Should it not then just do us all a favour and keep its metaphors and similes to itself?
This treacherous poetry deserves nothing less but to be erased from all memory, more especially the poetic memory.
This of course is an old debate, but one that is always worth having. Nina Simone put it succinctly: “You can’t help it. An artist’s duty, as far as I’m concerned, is to reflect the times.”
It is not often that we find the times reflected in Mangaung’s poetry scene. More often than not the zeitgeist is not only absent but obfuscated. We had to read in the media, for instance, that the University of the Free State is a racist and sexist institution; our poets only cared to tell us about its famous chips from The Deli.
What does it tell us that in this milieu of decolonisation, wherein there’s a wave to assert Africa as a standard for beauty and thought, our poets are not ashamed to get on stage and speak of Greek mythology, ancient Asian religions and have Celtic music as their soundtrack?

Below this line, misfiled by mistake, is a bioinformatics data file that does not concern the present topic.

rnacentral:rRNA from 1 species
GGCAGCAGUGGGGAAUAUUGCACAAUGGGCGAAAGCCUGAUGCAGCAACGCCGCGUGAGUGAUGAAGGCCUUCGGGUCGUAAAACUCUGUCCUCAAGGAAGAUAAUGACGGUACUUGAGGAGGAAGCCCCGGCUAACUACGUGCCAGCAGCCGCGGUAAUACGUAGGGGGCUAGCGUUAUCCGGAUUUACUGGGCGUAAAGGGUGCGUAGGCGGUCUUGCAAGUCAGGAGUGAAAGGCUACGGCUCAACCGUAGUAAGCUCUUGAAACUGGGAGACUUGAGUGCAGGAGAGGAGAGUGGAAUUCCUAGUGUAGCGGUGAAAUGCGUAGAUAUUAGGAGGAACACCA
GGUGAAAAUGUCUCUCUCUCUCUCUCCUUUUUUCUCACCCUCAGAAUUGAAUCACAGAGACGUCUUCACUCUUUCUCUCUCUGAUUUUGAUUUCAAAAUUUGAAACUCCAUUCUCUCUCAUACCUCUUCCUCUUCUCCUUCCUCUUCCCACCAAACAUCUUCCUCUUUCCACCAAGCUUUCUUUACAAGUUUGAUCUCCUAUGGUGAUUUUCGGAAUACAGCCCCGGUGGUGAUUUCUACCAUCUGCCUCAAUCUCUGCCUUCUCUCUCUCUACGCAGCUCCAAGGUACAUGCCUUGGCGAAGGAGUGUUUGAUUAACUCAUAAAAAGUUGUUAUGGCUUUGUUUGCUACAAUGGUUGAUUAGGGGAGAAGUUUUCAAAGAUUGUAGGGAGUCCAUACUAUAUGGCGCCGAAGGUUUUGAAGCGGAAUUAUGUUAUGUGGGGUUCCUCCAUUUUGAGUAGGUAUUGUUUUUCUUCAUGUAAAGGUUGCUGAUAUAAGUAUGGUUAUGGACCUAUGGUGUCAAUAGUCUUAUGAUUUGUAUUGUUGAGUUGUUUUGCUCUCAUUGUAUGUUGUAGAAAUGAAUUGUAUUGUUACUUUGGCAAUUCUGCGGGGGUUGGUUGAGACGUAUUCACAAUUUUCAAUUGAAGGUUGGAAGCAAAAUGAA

Clearly they have taken a side against the people, when they can be so passionate about an organic vegan lifestyle when millions of our people go to bed hungry daily.
This socio-political silence is not innocent neutrality; it is in itself a position. It is deceitful, because as Ernst Fischer says, “In a decaying society, art, if it is truthful, must also reflect decay. And unless it wants to break faith with its social function, art must show the world as changeable. And help to change it.”
Otherwise, this poetry makes no sense.
Mangaung is littered with poetry movements. In fact some have intimated that every poet gathers their friends and they start a movement. Each movement has its own thing going – limping from one end to the next – with its own audience and even venues.
Some have access to formal art facilities; some are homeless – begging this and that club owner to host them. What becomes apparent when one traverses through all these movements is that there is no cross-pollination; you hardly ever see members of one movement at another movement’s show. Each keeps to their own.